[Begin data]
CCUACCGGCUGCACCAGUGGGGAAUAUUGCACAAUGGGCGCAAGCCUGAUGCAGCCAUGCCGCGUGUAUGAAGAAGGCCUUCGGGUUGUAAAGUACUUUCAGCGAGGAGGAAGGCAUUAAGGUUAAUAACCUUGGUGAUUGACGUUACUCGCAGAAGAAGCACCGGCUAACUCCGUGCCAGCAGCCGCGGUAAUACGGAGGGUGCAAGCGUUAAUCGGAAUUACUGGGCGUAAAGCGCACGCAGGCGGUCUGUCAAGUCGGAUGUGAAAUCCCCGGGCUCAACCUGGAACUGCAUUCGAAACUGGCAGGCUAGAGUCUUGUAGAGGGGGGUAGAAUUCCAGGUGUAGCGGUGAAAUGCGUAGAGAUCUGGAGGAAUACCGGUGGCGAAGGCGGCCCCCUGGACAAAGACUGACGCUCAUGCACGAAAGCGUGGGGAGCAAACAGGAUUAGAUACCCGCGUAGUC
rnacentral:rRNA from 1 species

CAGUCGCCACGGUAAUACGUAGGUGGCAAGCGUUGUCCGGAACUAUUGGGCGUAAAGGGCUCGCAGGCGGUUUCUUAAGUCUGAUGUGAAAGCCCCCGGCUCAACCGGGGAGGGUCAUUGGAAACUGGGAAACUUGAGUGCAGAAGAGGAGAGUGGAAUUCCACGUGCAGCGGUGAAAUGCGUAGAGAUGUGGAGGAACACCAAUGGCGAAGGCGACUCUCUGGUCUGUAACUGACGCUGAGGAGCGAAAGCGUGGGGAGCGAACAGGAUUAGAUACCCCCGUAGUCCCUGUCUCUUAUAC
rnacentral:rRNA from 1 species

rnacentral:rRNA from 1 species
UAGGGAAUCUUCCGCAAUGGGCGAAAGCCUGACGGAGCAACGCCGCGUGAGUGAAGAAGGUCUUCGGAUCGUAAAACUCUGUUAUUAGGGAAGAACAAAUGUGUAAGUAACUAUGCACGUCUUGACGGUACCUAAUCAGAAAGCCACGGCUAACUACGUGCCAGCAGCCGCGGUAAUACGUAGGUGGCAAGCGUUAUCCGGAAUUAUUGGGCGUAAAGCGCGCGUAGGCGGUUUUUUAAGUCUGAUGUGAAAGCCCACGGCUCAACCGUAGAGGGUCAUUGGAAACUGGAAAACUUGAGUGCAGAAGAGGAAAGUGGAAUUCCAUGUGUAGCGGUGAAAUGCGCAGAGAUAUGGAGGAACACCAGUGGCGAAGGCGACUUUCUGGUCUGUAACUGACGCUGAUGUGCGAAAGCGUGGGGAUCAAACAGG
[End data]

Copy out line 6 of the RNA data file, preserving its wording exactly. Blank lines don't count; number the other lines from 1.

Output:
UAGGGAAUCUUCCGCAAUGGGCGAAAGCCUGACGGAGCAACGCCGCGUGAGUGAAGAAGGUCUUCGGAUCGUAAAACUCUGUUAUUAGGGAAGAACAAAUGUGUAAGUAACUAUGCACGUCUUGACGGUACCUAAUCAGAAAGCCACGGCUAACUACGUGCCAGCAGCCGCGGUAAUACGUAGGUGGCAAGCGUUAUCCGGAAUUAUUGGGCGUAAAGCGCGCGUAGGCGGUUUUUUAAGUCUGAUGUGAAAGCCCACGGCUCAACCGUAGAGGGUCAUUGGAAACUGGAAAACUUGAGUGCAGAAGAGGAAAGUGGAAUUCCAUGUGUAGCGGUGAAAUGCGCAGAGAUAUGGAGGAACACCAGUGGCGAAGGCGACUUUCUGGUCUGUAACUGACGCUGAUGUGCGAAAGCGUGGGGAUCAAACAGG